Downton Abbey: A New Era appears in an aspect ratio of 2.39:1 on this 4K UHD Disc. The movie offered a fine Dolby Vision transfer.
Overall definition seemed positive. Virtually no softness popped up, so the movie appeared accurate and concise.
I noticed no signs of jaggies or edge enhancement, and shimmering was absent. The film lacked print flaws and seemed clean.
Many period pieces opt for subdued palettes, and that was true here. The colors tended toward teal tones, with a fair amount of amber and red along for the ride as well.
These appeared fine within the film’s stylistic choices. The disc’s HDR added warmth and range to the hues.
Blacks seemed dark and tight, and shadows demonstrated good clarity. HDR brought impact to whites and contrast. This added up to a satisfying presentation.
A character drama wouldn’t seem to be a candidate for a whiz-bang soundtrack, and the Dolby Atmos audio of Era fell into expected realms. Downconverted to Dolby TrueHD 7.1, a few scenes – mainly related to foul weather. – used the various channels well. Usually the track remained oriented toward ambience, though, so don’t expect lots of sizzle from the mix.
Audio quality satisfied. Although didn’t get much score, the music was full and rich, while effects showed nice clarity and accuracy.
Speech – obviously an important factor here – appeared concise and crisp. Nothing here soared, but it all seemed perfectly adequate for the project. Honestly, an Atmos mix felt like overkill for a project with such modest sonic ambitions.
How did the 4K UHD compare to the Blu-ray version? Both came with the same Atmos audio.
The 4K’s Dolby Vision image offered the expected improvements, as it seemed better defined and offered superior colors, blacks and contrast. This turned into a nice little upgrade.
As we shift to extras, we open with an audio commentary from director Simon Curtis. He offers a running, screen-specific look at story/characters, cast and performances, music, sets and locations, and connected domains.
A dull movie gets a pretty dull commentary, as Curtis fails to bring much depth to this chat. While he touches on some basics, he also throws out a lot of praise and leaves this as an uninspiring discussion.
Six featurettes follow, and Good to Be Back runs three minutes, 38 seconds. It offers notes from actors Michael Fox, Hugh Bonneville, Phyllis Logan, Tuppence Middleton, Allen Leech, Sophie McShera, Robert James-Collier, Laura Carmichael, Lesley Nicol, Elizabeth McGovern, Kevin Doyle, and Michelle Dockery.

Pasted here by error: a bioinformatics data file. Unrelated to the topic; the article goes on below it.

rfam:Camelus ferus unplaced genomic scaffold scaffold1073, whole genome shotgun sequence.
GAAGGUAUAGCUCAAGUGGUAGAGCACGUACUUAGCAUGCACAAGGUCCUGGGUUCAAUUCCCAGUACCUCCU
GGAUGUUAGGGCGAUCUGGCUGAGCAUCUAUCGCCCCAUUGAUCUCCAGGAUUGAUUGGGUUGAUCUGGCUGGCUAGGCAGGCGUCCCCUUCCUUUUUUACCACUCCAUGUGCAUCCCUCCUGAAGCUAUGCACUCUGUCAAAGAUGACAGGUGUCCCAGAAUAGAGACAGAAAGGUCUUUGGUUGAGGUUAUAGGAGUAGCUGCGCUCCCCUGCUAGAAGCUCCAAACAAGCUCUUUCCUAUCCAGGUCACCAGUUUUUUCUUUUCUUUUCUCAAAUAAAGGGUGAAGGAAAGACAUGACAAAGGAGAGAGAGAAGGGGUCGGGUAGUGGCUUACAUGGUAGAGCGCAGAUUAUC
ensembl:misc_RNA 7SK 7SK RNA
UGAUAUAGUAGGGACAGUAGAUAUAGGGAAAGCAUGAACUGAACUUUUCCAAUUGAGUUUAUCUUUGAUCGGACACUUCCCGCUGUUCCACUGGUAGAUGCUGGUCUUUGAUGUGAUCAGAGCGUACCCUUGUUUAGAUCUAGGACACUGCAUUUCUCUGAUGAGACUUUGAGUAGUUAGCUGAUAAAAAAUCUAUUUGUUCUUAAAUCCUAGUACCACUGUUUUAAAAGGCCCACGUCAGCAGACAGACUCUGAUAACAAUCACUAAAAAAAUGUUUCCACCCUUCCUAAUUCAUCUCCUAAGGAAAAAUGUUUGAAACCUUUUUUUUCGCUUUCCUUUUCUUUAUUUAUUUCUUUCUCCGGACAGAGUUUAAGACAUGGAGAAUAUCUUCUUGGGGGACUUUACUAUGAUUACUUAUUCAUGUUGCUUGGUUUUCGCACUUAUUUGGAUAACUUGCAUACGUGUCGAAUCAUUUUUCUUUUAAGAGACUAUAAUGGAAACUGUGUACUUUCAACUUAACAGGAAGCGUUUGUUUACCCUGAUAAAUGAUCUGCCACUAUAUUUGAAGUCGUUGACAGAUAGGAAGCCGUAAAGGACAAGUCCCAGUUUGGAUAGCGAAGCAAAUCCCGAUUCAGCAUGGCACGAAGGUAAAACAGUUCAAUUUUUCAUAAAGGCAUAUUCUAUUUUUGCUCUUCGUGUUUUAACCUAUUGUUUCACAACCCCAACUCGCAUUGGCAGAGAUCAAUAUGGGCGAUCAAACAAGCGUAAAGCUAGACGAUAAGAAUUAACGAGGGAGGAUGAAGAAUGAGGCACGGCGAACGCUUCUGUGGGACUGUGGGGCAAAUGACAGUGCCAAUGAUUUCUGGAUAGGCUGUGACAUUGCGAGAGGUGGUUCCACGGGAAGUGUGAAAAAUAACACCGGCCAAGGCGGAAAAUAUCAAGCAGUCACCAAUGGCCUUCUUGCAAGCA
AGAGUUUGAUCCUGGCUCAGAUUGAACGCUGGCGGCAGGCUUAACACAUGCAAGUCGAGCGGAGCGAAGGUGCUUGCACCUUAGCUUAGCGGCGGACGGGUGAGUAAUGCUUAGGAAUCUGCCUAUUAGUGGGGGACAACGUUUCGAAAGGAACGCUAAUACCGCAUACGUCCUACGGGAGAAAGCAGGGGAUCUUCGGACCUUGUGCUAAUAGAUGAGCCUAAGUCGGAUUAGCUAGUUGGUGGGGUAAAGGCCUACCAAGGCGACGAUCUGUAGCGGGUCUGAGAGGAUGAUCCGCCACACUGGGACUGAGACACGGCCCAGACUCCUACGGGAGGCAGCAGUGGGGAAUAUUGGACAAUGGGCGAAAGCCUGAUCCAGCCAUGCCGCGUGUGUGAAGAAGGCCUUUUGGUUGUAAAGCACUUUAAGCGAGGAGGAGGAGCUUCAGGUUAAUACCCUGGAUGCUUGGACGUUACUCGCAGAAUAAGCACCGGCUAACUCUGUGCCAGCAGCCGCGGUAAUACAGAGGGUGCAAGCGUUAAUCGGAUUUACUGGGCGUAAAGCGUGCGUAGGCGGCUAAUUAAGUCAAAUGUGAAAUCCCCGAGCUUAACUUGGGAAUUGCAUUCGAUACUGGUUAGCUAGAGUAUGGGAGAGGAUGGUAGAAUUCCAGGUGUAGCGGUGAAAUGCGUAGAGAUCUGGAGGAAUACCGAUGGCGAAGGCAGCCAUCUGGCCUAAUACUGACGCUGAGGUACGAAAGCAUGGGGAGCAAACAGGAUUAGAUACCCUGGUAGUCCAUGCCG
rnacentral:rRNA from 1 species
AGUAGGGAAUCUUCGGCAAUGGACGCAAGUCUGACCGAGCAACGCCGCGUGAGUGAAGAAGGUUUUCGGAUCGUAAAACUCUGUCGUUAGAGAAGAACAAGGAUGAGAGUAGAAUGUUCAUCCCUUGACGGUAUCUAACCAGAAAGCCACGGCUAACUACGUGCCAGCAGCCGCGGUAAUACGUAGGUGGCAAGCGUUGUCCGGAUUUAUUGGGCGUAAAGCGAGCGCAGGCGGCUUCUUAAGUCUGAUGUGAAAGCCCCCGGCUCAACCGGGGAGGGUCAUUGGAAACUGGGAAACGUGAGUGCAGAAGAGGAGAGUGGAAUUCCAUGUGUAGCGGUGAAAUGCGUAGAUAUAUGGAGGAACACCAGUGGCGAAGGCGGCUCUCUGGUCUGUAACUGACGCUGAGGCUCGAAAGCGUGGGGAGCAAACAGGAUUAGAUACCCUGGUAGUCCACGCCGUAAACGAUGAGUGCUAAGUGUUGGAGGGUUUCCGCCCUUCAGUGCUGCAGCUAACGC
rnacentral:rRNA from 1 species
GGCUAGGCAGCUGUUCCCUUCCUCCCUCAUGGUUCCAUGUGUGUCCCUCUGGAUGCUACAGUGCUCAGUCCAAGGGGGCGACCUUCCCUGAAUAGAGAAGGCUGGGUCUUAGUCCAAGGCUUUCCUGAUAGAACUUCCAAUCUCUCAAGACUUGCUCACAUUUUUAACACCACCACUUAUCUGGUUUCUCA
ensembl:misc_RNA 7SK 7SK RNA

All involved tell us they feel happy to return to Downton. This becomes an utterly superficial reel.
Return to Downton Abbey goes for 11 minutes, 37 seconds and involves Nicol, Middleton, Leech, Dockery, Curtis, Fox, Bonneville, McGovern, McShera, Carmichael, VFX supervisor Patricia Llaguno, home economist Debi Lindsay, historical advisor Alastair Bruce, producers Gareth Neame and Liz Trubridge, film historian Laraine Porter, costume designer Anna Mary Scott Robbins, hair and makeup designer Anne Nosh Oldham, production designer Donal Woods, co-producer Mark Hubbard, writer Julian Fellowes, and actor Charlie Watson.
“Return” looks at the film’s opening wedding and basics about the shoot. While superior to the useless “Back”, this still becomes only a sporadically informative show.
With A Legendary Character, we get a four-minute, 10-second reel that features Neame, Dockery, Bonneville, McGovern, Fox, Carmichael, Leech, Fellowes, Curtis, and actor Penelope Wilton.
Here we get gobs of praise for actor Maggie Smith. While I agree that Smith is a terrific actor, this nonetheless becomes a tedious featurette.
Creating the Film Within the Film spans nine minutes, 26 seconds and brings remarks from Neame, Bruce, McShera, Nicol, Doyle, Fox, Woods, Curtis, James-Collier, Dockery, Porter, action vehicles coordinator Michael Geary, specialist action props camera supervisor Lee Martin, supporting artist Doug Kirby, costume co-designer Maja Meschede and actor Alex MacQueen.
As expected, the reel examines aspects of the “movie shoot” that takes place at Downton during Era. A few interesting notes about historical accuracy result, but the end result lacks a whole lot of depth. I do like James-Collier’s amusing self-deprecation, though.
Next comes Her Majesty’s Yacht Britannia, a two-minute, 53-second clip that provides notes from Fox, Bruce, supervising location manager Mark Ellis and Royal Yacht Britannia & Fingal Director of Marketing Casey Rust.
Unsurprisingly, “Yacht” covers the location discussed in its title. This becomes a brief and mildly informative piece.
Finally, Spill the Tea (Time) fills two minutes, 23 seconds with comments from Carmichael and Leech. They go through a tongue-in-cheek Q&A with some amusement value.
The package also includes a Blu-ray copy of Era. It offers the same extras as the 4K.
Clearly many people enjoy Downton Abbey, but I admit that after two movies, I fail to see the appeal. A New Era seems unlikely to bring new converts, as it offers a slow, tedious affair. The 4K UHD brings positive picture and audio along with a mix of bonus materials. Perhaps a third Downton film might change my mind, but the first two leave me cold.
To rate this film visit the prior review of DOWNTON ABBEY: A NEW ERA